27th June 2018

Our vision

Everyone in Wales should have a decent and affordable home: it is the foundation for the health and well-being of people and communities.


Shelter Cymru’s mission is to improve people’s lives through our advice and support services and through training, education and information work. Through our policy, research, campaigning and lobbying, we will help overcome the barriers that stand in the way of people in Wales having a decent affordable home.



Shelter Cymru welcomes the opportunity to provide evidence on this draft Bill. We’ve been calling for a ban on fees since our 2016 Letting Go campaign[1], which highlighted the cost of tenants’ fees and the lack of transparency and consistency in agents’ fee policies.

We warmly welcome the Welsh Government’s commitment to ban fees. Doing so will help tenants to afford to find and keep a home; and it will assist local authority homelessness services by reducing demand on local ‘spend to save’ homelessness prevention budgets.

However, there are certain aspects of the Bill that need to be strengthened in order to avoid creating loopholes that could be exploited.


Default fees

Default fees are primarily levied against tenants on low incomes who are falling behind with their rent. In our experience it is the most vulnerable tenants who are the most likely to be hit by excessive or unfair default fees.

The Welsh Government’s explanatory memorandum gives the rationale for not including default fees in the Bill as follows: ‘The charging of payments in default is longstanding practice of which there is little evidence to show tenants within the PRS are being overcharged to a significant or consistent degree. On that basis, the Welsh Government sees no need to change such practice.’

There is a great deal of evidence of unfair and excessive default fees being applied in Wales.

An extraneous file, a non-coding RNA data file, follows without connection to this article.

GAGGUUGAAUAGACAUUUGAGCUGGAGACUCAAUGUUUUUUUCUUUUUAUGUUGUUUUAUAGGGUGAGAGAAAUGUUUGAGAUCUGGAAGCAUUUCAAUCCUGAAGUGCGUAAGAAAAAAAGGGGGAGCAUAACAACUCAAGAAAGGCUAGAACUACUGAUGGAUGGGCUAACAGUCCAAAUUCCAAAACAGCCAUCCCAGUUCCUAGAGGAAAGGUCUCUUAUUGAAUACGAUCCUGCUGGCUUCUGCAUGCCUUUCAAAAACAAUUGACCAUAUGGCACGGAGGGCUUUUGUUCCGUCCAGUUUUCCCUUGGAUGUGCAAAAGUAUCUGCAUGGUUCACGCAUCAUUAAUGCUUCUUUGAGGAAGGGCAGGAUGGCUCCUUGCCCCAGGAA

A letting agent in Swansea charges tenants for late payment of rent even if the tenant is not in arrears but is awaiting a payment of Universal Credit or Housing Benefit. This agent repeatedly refuses to change the rent due date to coincide with the UC payment date, and instead levies default fees every month, thereby increasing their profit at the expense of tenants on limited incomes.

We have tried to challenge this practice in court but the local District Judge has stated that it’s a contractual matter.








We sampled 80 recent calls to our helpline where there was a problem relating to letting agents. One quarter of those calls related to agents’ fees, half of which were default fees.

Agents claim that fees are only meant to cover their costs in chasing late payments, but we see many people who are charged fees that are completely out of proportion to the cost to the agent.

A woman called our helpline in desperation because her letting agent was charging her £26.30 per day for arrears. She had never had a written tenancy agreement so hadn’t agreed to these charges.

Our caseworker’s opinion was that the agent was charging this level of fees in order to increase the tenant’s arrears over the eight-week limit that would trigger a mandatory possession ground.







The Welsh Government proposes that listing default fees in the tenancy contract will suffice in terms of transparency and fairness. The vast majority of agents already do this, and unfortunately it doesn’t give tenants the protection they need. Contract terms can be written in ways that are hard to understand, and result in excessive fees being charged.

We are currently assisting a tenant in court for disputed rent arrears. Part of the claim against the tenant is late payment fees, described in the tenancy agreement as:

‘3% above the bank of England base rate, payable on any rent which is more than 7 days overdue. Interest will be payable from the date on which the rent fell due until it is paid. If rent is overdue a 2nd time then a £25.00 charge will be made each time it is overdue in addition to the interest for the 1st week overdue and £10.00 per week that it remains overdue after that.’